“Benjamin Bradlee, who served as Executive Editor of The Washington Post at the time of Watergate, played an important role in launching the Center for the Study of Democracy,” Harkonen notes. He was on CSD’s Advisory Board from the very beginning until he passed away in 2014. Bradlee also served as a St. Mary’s College of Maryland Trustee.
“We will always be grateful for Ben’s service to the College as a trustee and to his commitment to Historic St. Mary’s City. He has enriched our community and is sorely missed. We are proud to preserve his legacy,” Dr. Jordan, President of St. Mary’s, stated at the reception before the lecture.
Carl Bernstein remembers Ben Bradlee, his boss and friend, as a man “whose fearlessness was his most remarkable trait” and who was dedicated to truth. But not just any kind of truth “Facts by themselves, Bradlee understood, are not the truth. What is needed is context, something that seems to be lacking in most media today.”
Carl Bernstein on Watergate
Carl Bernstein is best known for his role in exposing the Watergate scandal that led to the resignation of President Nixon on August 9, 1974.
Working at The Washington Post with Bob Woodward, he set in motion a chain of events that led to some of the most dramatic moments in 20the century American democracy. It unmasked, what Carl Bernstein calls, “criminal presidency”.
“In Watergate, which may be the best way of looking at how our system can work,” Carl Bernstein said, “we saw democratic principles succeeding in a way that reconfirmed our common belief in the idea of government that serves its citizens under the rule of law.”
The Best Obtainable Version of Truth
“When I went to work in journalism, we learnt an approach to journalism that was simple: to pursue the best obtainable version of truth,” told Carl Bernstein to the audience at St. Mary’s College of Maryland. “Today people are looking for ideologies and partisan ammunition to reinforce what they already believe in.”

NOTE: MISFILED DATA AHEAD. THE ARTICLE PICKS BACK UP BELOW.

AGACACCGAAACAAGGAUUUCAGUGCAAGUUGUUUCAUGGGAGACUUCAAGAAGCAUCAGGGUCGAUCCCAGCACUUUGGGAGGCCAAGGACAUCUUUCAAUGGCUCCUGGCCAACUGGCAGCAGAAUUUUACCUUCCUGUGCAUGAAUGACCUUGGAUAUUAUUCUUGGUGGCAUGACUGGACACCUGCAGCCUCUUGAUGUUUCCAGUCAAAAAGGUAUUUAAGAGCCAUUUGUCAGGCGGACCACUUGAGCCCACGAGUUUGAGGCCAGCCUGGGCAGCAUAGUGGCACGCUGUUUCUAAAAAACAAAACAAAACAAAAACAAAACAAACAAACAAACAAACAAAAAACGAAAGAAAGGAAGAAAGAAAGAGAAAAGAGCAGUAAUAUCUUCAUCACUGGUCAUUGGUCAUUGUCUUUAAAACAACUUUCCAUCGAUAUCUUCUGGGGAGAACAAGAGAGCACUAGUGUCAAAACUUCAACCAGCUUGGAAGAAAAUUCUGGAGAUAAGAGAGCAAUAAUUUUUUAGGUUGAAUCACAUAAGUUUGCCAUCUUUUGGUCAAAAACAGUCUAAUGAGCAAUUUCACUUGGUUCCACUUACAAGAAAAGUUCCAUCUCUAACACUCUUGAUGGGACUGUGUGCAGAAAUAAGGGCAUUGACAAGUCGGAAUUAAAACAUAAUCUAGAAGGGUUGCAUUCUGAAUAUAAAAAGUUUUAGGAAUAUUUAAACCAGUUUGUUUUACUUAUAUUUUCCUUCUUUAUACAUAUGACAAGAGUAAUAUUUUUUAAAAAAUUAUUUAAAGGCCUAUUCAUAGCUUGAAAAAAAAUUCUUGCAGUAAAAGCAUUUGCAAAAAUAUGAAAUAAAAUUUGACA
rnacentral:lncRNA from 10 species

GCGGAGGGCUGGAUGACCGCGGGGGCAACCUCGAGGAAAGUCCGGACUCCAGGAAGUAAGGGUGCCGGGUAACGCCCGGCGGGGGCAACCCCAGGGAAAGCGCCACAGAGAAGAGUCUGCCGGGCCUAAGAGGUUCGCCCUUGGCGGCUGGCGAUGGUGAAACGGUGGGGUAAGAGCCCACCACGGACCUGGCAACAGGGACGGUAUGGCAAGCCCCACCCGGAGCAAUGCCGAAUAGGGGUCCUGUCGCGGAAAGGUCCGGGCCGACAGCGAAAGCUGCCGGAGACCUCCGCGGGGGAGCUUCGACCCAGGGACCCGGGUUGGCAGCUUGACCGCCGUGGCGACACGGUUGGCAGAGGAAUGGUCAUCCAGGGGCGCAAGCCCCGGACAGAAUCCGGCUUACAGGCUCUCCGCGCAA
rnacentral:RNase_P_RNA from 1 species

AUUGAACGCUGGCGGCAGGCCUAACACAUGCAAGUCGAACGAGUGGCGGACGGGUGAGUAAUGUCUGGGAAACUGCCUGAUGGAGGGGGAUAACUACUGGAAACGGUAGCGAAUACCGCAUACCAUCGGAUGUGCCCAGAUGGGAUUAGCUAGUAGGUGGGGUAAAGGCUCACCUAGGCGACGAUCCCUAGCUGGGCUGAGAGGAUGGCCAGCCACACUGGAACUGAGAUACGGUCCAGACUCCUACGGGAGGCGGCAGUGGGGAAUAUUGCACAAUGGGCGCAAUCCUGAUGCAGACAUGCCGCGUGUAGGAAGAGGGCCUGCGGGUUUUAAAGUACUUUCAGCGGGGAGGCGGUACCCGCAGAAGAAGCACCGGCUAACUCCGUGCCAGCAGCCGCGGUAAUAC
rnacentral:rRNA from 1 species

“The mission of the Center is to promote liberty and democracy. A simple thought perhaps and yet, as Ben Bradlee understood so well, liberty and democracy cannot exist where the light of truth is not sought and revered and defended.”
Cultural Warfare — A National Security Threat
“Today our national security is threatened not just by terrorism, but equally or more so internally, by the breakdown—and there’s no other word for it—of our system. Our political and civic fabric in this country has been strained to the breaking point from 30 years of cultural warfare; scorched earth take-no-prisoners politics and the debate that surrounds it, not just in Washington, but all over the country by citizens every bit as uninterested in the best obtainable version of the truth as those they condemn who sit in the House and Senate in Washington. “
Economic Inequality – Bi-partisan topic for debate?
One of the key questions of today, says Carl Bernstein, is “whether we are going to be a nation of the wealthy for the wealthy and connected by the wealthy and privileged at the expense of the great majority of our people”. It is the question of “whether we allow benefits of the ‘recovery from the near depression’ to accrue not just to corporations and the top earners of this country but to the working people and their families”. Both parties, Bernstein notes, seem to be making this an issue they want to debate.